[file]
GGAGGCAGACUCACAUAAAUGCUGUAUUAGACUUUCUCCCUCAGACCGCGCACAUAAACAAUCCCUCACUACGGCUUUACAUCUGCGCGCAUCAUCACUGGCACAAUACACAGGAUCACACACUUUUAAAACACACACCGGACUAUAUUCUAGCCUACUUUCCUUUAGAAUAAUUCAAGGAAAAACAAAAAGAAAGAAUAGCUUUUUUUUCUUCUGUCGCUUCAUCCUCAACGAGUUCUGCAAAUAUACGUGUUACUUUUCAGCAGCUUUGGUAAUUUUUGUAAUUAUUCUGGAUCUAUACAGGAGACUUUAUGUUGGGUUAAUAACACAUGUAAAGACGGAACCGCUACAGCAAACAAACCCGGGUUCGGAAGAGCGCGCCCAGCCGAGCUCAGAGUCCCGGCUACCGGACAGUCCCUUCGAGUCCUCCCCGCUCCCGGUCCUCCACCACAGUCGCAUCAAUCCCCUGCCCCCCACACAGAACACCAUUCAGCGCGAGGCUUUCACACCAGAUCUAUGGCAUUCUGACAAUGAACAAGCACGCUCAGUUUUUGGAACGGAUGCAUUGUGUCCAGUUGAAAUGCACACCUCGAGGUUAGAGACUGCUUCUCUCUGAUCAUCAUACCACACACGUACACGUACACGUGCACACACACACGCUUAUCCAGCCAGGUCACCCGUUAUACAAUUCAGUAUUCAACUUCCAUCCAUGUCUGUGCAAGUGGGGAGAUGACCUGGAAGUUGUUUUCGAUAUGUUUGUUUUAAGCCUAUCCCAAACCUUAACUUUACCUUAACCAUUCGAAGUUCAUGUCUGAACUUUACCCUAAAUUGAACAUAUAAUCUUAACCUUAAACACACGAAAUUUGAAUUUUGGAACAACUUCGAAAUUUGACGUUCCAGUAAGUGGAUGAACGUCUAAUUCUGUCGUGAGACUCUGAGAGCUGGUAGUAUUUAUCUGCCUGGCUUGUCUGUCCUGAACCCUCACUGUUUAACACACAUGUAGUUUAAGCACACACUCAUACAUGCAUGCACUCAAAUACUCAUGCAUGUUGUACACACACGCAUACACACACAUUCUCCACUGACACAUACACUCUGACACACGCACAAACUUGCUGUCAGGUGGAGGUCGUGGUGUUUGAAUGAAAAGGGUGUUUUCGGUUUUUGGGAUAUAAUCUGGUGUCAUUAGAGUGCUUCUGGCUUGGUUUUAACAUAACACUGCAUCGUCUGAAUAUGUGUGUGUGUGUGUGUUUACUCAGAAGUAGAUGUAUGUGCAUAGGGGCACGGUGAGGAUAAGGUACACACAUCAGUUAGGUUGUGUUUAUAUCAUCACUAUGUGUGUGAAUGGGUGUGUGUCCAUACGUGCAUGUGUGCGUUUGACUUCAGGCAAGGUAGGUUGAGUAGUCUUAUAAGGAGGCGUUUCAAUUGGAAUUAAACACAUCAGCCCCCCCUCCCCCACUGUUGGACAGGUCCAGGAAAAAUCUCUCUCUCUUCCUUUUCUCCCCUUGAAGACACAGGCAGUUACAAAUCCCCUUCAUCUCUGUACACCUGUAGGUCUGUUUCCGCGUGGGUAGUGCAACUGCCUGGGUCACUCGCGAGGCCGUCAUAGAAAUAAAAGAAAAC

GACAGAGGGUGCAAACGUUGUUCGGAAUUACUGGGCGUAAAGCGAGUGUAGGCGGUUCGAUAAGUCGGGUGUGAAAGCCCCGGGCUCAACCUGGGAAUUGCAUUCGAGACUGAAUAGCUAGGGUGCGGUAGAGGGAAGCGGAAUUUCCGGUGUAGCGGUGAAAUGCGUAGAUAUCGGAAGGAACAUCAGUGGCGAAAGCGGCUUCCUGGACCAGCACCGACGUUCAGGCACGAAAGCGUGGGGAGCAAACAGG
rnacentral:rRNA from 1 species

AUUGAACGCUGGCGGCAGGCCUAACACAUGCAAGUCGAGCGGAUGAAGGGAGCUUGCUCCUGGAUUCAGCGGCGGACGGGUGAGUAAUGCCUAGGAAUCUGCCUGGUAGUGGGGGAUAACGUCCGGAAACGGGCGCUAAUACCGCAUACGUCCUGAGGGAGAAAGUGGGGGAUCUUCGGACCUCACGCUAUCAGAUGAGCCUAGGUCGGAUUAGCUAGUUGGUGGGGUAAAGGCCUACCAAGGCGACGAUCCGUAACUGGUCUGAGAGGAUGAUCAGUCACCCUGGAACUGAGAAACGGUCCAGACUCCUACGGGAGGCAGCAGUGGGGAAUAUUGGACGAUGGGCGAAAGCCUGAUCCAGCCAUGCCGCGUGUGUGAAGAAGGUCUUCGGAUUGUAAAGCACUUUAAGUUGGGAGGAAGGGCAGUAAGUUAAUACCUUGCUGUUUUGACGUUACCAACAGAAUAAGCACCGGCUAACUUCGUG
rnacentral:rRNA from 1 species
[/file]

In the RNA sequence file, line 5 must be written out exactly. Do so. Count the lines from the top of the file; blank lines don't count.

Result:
rnacentral:rRNA from 1 species